Netflix’s Feel Good Season 2 Review: Intimate, Real, and Beautiful

Feel Good Season 2 premiered on 4th June 2021 on Netflix. Created by Mae Martin and Joe Hampson, the 6-episode long series stars Mae Martin, Charlotte Ritchie, Lisa Kudrow, Philip Burgers, and Adrian Lukis alongside other cast members.

Complexities and Life

Back in March 2020 when Feel Good premiered on Netflix, I fell in love with the characters and the storyline. Therefore, I was eagerly waiting for Feel Good Season 2 as there was a lot to be talked about and explored in both Mae and George’s life both on personal and professional fronts. With season 2 of the show now streaming on Netflix, it brings me a sense of satisfaction knowing that the storyline and the character arcs have not dipped in the second season.

Feel Good established a lot in its first season, exploring gender, sexuality, substance abuse, relationships, and self-discovery in a multi-layered and compelling way. Feel Good Season 2, which is also only six episodes long, is equally as beautifully nuanced and ambitious in terms of storytelling. Martin’s humorous voice is unique and cutting, and the show addresses discomfort, trauma, and messes head-on. The show continues to stick to its central themes and plays along with the thin line between self-fulfilment and self-destruction, the complexities of relationships and how they impact one’s life, societal pressure, trauma, exploitation, and more for the characters.

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We see Mae’s attempt to reconcile with her parents and George, and her life after her relapse phase as she checks in and out of rehab in the second season. Mae’s reconnection with her mother and father forces  her to confront her past, and as she realises that her recollections of her teenage years are fragmented or sometimes lost entirely, she begins to process events that had lain dormant, making her feel like her mind is a “cupboard full of empty Tupperware rattling around, in her own words.”

  • Feel Good Season 2
  • Feel Good Season 2

Throughout its 6-episodes, Feel Good Season 2, for the most part, prefers humour over sadness and optimism to despair. It portrays PTSD sensitively and deftly, and it works in shades of grey, delving into events with the kind of nuance that is frequently missing from public discourse but essential in private conversations. Martin and Hampson have created a subtle comedy and a touching love story, layering both onto an undertone of grief without ever being overly sentimental. Feel Good Season 2 is a lovely achievement, gentle and compassionate, as intelligent as it is amusing.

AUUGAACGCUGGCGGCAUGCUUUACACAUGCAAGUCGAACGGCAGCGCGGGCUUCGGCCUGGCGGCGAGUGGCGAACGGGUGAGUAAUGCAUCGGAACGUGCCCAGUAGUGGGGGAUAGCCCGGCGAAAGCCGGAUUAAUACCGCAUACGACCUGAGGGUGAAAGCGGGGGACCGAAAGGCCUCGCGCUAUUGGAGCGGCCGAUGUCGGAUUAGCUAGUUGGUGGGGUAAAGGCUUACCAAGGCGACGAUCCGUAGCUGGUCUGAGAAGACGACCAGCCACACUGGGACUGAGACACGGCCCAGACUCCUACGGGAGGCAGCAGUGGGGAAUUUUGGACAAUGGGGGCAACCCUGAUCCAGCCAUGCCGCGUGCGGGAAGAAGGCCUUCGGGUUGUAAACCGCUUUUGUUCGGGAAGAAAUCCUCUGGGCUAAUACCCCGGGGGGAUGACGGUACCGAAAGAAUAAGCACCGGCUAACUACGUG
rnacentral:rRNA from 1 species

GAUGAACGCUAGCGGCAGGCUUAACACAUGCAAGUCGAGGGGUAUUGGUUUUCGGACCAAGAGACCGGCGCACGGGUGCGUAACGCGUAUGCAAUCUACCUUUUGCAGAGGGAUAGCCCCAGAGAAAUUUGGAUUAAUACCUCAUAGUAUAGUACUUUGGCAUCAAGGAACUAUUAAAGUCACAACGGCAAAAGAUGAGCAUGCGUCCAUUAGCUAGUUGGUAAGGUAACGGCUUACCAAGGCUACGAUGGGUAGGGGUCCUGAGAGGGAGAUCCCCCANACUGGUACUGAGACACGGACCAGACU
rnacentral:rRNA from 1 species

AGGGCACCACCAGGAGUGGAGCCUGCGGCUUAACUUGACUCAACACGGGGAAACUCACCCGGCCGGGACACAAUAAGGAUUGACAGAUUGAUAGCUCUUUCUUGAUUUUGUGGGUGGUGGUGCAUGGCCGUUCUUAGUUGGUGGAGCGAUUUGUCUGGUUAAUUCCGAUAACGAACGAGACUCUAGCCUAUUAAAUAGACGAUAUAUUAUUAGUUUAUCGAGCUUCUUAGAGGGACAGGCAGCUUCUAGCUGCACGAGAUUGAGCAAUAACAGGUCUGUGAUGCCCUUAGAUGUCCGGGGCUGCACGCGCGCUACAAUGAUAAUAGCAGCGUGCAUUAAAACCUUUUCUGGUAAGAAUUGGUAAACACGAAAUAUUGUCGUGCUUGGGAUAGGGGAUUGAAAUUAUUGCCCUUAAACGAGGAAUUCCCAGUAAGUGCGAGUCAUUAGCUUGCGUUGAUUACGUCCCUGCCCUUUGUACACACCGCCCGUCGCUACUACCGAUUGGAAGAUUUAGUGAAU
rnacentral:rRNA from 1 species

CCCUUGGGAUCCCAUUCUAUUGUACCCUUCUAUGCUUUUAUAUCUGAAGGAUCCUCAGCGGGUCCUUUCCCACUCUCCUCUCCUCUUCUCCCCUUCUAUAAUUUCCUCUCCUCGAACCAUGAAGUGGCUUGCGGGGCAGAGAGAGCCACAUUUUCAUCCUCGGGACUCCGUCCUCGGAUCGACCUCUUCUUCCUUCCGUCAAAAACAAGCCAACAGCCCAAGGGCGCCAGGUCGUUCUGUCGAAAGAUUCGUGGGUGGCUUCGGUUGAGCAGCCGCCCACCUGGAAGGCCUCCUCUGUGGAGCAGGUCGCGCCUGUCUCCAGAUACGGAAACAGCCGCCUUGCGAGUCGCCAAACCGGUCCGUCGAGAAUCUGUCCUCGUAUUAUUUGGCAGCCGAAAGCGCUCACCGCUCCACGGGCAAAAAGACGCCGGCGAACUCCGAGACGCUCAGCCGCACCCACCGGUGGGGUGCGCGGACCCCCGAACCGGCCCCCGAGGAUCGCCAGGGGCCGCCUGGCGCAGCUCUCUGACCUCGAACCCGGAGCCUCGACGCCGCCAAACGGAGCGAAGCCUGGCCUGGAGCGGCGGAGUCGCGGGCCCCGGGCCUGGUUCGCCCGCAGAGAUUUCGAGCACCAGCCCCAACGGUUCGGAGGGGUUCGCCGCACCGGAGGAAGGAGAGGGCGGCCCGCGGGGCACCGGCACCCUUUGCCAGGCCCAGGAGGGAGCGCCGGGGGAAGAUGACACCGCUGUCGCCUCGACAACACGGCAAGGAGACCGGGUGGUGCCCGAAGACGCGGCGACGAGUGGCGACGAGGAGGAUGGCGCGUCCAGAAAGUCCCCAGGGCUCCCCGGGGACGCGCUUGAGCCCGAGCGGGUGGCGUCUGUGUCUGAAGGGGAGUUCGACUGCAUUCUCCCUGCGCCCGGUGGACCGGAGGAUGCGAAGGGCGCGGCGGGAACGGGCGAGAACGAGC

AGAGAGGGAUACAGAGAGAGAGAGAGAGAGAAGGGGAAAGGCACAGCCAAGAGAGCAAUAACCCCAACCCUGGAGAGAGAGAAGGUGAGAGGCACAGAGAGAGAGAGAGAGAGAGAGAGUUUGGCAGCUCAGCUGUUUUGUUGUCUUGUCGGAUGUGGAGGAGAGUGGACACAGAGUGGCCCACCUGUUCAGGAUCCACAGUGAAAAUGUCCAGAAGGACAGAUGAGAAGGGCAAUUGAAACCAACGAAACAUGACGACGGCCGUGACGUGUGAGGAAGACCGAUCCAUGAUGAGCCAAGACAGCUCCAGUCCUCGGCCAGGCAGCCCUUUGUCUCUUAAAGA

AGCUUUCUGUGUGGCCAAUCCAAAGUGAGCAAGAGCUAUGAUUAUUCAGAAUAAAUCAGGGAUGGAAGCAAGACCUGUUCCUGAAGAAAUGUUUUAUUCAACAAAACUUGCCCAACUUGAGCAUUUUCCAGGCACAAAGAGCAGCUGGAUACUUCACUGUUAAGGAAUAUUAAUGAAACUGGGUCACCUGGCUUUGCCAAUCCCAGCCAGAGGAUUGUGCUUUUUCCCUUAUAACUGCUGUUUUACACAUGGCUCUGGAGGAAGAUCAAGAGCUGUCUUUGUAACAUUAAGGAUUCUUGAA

Another thing about the show that keeps viewers engaged is the dynamics between Mae and her family and friends. It is complex and mostly relatable as we get to see the tension between one’s own self and how one is perceived by people and how they can be polar opposites of each other. Every character gets a chance to leave an impact on the viewers in some way or the other.

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The sex scenes in Feel Good Season 2 are queer in a way that doesn’t feel suited to heteronormative notions and it feels right. These scenes feature a variety of power relations and toys and are tightly tied to the characters’ journeys, acting similarly to many of the series’s gags in that there are risks and latent meaning underneath that are eventually revealed. George and Mae while having sex are undoubtedly at their most healthy and communicative. Mae has more reasons for choosing to pretend to be someone else than just having romantic pleasure with it.

The characters go through stages of development, catharsis, and little successes. Friendships and connections are re-established. Nothing is simple. Feel Good Season 2 understands that all relationships, including one’s connection with oneself, necessitate hard work. Throughout all of these complicated characters and interpersonal arcs, there’s still that wacky and unique humorous voice from the first season, which occasionally borders on the bizarre. After all, life is ludicrous. And the Feel Good franchise understands that and does a fantastic job of exploring that.

Stream It or Skip It

  • Feel Good Season 2
  • Feel Good Season 2

STREAM IT! Feel Good Season 2 is beautiful, real, and definitely worth your time. The series does not build on situations without understanding the depths of them, rather, it offers the truth and brings forth the complexities of existence in a beautiful way. Lastly, everyone should ship Mae and George.

Feel Good Season 2 is streaming now on Netflix.

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Feel Good Season 2 is lovely, intimate, gentle and compassionate, as intelligent as it is amusing.

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Feel Good Season 2 is lovely, intimate, gentle and compassionate, as intelligent as it is amusing. Netflix's Feel Good Season 2 Review: Intimate, Real, and Beautiful